On the contribution of imperial Spain to the construction of classical international law in Cervantes' times Articles uri icon

publication date

  • January 2016

start page

  • 1

end page

  • 11

volume

  • 20

International Standard Serial Number (ISSN)

  • 0928-0634

Electronic International Standard Serial Number (EISSN)

  • 2211-6125

abstract

  • The new world order established by the Peace of Westphalia was consolidated in 1648, but the foundations of what would later be known as classical international law had begun to be laid long before that date. Spain played an important role in this process during the sixteenth and seventeenth centuries, the Age of Cervantes. This was clearly demonstrated by the great author in his works, which reflect an Imperial Spain that had already embarked on its decline. The gradual disappearance of the notion of empire, however, is belied by reality, since history shows that empires continued to exist throughout the modern age in one form or another. The period in question also reveals the important contribution made by Spain to the shaping of international law, not only in matters of its norms, but also from other perspectives, such as humanism, having to do with the universal conception of government and human rights—although one that in both cases came from grounds that were largely incipient.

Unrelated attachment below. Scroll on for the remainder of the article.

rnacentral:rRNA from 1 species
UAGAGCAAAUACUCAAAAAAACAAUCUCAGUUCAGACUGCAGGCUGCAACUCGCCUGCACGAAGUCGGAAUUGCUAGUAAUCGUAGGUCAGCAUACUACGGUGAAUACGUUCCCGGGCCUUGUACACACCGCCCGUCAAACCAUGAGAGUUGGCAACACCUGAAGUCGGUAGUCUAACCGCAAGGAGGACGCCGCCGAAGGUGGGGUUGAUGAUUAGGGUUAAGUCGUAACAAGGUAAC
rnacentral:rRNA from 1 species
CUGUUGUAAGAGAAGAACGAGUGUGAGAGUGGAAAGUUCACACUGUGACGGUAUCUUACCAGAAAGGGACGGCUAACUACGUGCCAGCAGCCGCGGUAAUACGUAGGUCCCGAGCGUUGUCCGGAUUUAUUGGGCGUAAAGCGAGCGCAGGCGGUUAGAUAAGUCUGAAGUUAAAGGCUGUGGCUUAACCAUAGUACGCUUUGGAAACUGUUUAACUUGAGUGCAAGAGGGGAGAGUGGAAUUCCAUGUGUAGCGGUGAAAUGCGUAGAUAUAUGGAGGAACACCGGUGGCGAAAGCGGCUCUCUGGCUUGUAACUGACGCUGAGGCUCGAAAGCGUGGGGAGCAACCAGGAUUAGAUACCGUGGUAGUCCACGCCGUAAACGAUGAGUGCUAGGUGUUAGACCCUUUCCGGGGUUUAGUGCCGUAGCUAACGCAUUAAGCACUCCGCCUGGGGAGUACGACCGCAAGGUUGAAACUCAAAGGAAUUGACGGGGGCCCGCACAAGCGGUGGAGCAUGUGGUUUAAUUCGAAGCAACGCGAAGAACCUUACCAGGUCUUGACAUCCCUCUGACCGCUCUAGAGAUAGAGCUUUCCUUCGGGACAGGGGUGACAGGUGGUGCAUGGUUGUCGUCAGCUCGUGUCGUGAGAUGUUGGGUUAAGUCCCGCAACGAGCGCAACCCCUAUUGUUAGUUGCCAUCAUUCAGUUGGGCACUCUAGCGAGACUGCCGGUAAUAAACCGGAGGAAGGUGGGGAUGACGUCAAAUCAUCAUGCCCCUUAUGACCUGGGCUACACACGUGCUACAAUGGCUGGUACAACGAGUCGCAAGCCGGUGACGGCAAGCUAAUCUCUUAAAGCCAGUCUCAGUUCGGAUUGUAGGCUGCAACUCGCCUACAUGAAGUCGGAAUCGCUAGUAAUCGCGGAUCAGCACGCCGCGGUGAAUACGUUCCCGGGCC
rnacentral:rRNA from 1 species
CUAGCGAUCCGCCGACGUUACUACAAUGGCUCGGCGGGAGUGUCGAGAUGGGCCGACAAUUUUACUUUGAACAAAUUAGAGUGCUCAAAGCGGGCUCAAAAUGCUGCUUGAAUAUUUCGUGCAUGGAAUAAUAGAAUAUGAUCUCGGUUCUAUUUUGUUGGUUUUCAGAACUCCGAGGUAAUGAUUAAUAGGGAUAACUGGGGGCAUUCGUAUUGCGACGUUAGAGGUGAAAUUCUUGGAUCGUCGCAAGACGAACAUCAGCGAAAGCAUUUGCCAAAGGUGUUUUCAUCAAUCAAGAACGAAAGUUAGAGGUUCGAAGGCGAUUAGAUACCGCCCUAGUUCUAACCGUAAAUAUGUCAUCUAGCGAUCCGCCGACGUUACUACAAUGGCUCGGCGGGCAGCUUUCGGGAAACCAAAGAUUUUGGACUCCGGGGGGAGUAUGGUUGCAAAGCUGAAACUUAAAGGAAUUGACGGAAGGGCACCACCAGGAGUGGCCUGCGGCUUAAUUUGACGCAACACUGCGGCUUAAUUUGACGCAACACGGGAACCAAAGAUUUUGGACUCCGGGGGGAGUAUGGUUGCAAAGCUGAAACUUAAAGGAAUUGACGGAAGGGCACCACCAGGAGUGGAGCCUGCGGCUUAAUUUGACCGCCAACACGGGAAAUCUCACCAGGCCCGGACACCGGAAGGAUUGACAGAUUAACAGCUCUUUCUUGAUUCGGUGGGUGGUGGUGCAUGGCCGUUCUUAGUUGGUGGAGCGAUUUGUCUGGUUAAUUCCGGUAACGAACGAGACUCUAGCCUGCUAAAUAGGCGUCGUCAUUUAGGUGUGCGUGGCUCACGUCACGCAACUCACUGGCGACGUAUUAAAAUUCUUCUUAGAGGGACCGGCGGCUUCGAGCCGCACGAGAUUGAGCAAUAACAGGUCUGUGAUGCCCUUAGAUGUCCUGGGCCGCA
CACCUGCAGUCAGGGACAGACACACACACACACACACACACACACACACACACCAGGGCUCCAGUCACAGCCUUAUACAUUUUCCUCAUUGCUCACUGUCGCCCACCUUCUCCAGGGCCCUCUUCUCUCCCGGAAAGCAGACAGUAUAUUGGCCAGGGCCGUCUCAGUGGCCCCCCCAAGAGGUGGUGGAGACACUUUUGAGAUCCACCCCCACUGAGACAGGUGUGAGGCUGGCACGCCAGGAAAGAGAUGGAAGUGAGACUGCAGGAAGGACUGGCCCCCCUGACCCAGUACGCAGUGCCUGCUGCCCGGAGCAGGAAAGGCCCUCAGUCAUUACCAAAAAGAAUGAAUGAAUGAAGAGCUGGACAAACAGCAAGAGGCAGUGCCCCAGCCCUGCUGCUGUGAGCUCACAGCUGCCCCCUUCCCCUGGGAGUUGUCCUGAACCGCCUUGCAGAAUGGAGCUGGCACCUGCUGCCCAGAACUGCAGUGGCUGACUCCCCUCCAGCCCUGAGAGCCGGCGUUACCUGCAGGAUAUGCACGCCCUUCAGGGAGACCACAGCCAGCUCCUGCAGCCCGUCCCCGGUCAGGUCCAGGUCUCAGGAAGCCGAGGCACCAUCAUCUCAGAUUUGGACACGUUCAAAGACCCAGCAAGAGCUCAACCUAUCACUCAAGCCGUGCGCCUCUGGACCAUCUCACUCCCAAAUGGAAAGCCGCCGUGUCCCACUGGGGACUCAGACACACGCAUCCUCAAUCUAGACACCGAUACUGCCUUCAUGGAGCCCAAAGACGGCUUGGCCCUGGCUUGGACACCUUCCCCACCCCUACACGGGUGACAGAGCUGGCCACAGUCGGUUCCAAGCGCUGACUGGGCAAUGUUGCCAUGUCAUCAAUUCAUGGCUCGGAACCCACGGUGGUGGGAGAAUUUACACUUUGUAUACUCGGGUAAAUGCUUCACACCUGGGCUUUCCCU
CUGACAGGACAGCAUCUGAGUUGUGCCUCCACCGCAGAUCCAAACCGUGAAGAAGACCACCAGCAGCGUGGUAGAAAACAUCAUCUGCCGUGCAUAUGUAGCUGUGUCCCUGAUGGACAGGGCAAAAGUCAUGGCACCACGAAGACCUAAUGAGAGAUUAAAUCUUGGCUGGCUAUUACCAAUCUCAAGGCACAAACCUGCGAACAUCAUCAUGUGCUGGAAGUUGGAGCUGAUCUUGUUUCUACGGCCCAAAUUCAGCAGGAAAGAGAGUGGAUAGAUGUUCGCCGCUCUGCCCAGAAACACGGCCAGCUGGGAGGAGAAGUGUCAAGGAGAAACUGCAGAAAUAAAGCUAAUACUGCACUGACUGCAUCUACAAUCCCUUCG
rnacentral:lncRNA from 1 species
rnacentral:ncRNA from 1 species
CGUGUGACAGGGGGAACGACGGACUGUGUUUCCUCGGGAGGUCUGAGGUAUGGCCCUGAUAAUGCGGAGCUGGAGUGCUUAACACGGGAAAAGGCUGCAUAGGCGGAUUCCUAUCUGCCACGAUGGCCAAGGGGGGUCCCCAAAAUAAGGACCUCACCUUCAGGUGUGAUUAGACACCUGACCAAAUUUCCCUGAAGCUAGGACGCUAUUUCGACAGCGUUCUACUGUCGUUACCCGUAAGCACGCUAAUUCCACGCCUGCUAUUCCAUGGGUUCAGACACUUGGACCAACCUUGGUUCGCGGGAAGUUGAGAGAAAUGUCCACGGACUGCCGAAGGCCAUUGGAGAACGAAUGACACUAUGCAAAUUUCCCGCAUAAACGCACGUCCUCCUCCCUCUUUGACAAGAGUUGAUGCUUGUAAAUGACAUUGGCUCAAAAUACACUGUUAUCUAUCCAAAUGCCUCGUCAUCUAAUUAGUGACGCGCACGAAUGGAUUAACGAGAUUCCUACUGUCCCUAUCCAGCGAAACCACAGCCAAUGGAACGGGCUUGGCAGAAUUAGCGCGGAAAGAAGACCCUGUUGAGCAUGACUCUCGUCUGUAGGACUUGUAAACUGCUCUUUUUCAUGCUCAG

keywords

  • empires; classical international law; cervantes; universalism; human rights